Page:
A federal judge has dismissed a $6 million class action lawsuit filed against Bluff City, its mayor and an Arizona-based traffic camera company regarding tickets issued from two speed-enforcement cameras on Highway 11-E, reports the Kingsport Times-News. Motorists Chris Cawood and Jonathan Kelly Proffitt filed the lawsuit in U.S. District Court in Greeneville in September 2011 naming Bluff City, Mayor Irene Wells and American Traffic Solutions as the defendants.
The lawsuit claimed Bluff City and ATS conspired to violate the Fair Debt Collections Act, state law and the city’s own ordinances by imposing an administrative fee of $40 on top of the $50 fine imposed for motorists allegedly captured on the city’s two speed-enforcement cameras on Highway 11-E.
Last month, Judge Ronnie Greer granted the motion to dismiss the lawsuit.
In his opinion, Greer wrote that conspiracy has to be supported with enough factual allegations … that is plausible on its face.
“The only factual allegation regarding ATS is that ATS installed and maintained the cameras at issue,” Greer wrote, noting this is insufficient to establish a conspiracy.
Larry Crim, fourth place finisher in the Aug. 2 Democratic U.S. Senate primary, indicates in a news release that he’s dropping legal action to void the apparent victory of Mark Clayton, who has since been disavowed by the state Democratic party.
This comes after U.S. District Judge Kevin Sharp of Nashville effectively threw the lawsuit out — though telling Crim’s lawyer he could come back and try again.
Instead of litigating, the release says Crim is launching a new organization — he will be chairman — called Democrats United For Tennessee. It’s purpose, says the release, will be uniting Democrats and “providing leadership for a new direction focused on emphasizing the importance of every race for public office and on the vetting, selection, nomination, and general election of Tennessee Democrats dedicated to being a public servant for all Tennesseans.”
The full release is below.
U.S. District Judge Thomas A. Wiseman Jr. ruled Tuesday that TennCare now meets its coverage obligations to children, dismissing a 14-year-old class-action lawsuit filed by the Tennessee Justice Center.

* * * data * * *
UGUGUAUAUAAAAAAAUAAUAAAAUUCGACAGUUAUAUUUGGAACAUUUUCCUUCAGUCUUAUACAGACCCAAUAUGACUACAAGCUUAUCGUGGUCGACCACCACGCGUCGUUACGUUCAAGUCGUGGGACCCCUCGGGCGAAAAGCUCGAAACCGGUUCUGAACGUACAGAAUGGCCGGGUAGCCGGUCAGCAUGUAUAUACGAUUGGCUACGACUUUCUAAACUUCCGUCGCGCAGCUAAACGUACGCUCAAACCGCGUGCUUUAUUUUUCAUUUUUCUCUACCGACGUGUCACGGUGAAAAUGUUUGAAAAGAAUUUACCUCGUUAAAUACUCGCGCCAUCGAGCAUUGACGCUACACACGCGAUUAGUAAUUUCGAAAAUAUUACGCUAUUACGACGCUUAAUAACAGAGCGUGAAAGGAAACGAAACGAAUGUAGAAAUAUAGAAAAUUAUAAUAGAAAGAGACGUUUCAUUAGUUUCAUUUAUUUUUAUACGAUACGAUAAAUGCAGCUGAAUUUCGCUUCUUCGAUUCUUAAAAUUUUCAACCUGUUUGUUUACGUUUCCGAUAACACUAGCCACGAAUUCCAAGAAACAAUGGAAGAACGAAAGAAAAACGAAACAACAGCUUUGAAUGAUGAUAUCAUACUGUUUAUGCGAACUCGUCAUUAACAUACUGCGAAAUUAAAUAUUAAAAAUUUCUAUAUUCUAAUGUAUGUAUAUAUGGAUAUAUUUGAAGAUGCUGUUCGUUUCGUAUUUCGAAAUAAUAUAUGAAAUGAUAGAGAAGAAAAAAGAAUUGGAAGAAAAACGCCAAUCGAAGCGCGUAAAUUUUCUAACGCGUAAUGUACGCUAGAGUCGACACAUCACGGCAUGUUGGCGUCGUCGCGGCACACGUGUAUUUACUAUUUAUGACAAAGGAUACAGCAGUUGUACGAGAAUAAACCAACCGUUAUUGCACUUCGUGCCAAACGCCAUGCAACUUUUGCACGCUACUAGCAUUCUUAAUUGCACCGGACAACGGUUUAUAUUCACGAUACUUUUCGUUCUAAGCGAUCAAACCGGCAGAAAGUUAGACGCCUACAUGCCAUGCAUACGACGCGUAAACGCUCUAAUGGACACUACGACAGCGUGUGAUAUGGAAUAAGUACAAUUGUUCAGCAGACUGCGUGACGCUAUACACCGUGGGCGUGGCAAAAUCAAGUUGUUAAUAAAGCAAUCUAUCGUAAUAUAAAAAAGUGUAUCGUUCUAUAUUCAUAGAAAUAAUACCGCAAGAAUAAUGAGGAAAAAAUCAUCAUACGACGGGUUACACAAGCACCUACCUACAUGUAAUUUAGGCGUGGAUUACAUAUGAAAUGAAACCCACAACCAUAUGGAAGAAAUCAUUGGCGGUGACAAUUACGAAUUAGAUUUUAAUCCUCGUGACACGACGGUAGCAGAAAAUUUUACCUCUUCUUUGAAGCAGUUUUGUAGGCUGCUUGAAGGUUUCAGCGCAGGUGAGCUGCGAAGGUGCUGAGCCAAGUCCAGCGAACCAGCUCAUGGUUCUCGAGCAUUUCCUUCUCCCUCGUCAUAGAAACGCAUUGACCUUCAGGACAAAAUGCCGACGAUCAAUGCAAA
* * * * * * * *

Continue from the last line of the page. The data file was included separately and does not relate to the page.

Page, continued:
From The Tennessean’s report:
The legal advocacy organization said it will appeal the judge’s decision.
Wiseman in his opinion wrote that TennCare had met the requirements of a 1998 consent agreement between it and the Tennessee Justice Center. That agreement required TennCare to do early and periodic screening of 750,000 Medicaid-eligible children and to provide them with needed treatments.
The goal under the agreement was to make sure that 80 percent of the children got regular checkups and dental care. Doctors who were witnesses for the Tennessee Justice Center shared stories of children not receiving adequate access to care, but the judge based his decision largely on the state’s documentation and numbers.
“This testimony, while interesting and even compelling from a policy perspective, was for the most part not directly related to the decision of whether the state is in substantial compliance with the consent decree,” Wiseman wrote.
The state’s screening rate for Medicaid-eligible children exceeded 90 percent, he noted — 10 percentage points beyond the goal set in the consent requirement.
By Travis Lollar, Associated Press
NASHVILLE, Tenn. — A Nashville judge on Monday dismissed trespassing and other citations against 55 Occupy Nashville protesters and ordered their records expunged.
“We won again,” protester Dorsey Malina said after a brief hearing.
The ruling was the latest in a series of defeats for Gov. Bill Haslam’s attempt to dislodge the group with a curfew on the grounds around the state Capitol.
Afterward, Haslam signaled in an interview with The Associated Press that the fight to remove the protesters, or at least curtail their activities, was not over. He said new rules for the space are in the works, and his administration is developing them in cooperation with constitutional lawyers and people who use the space.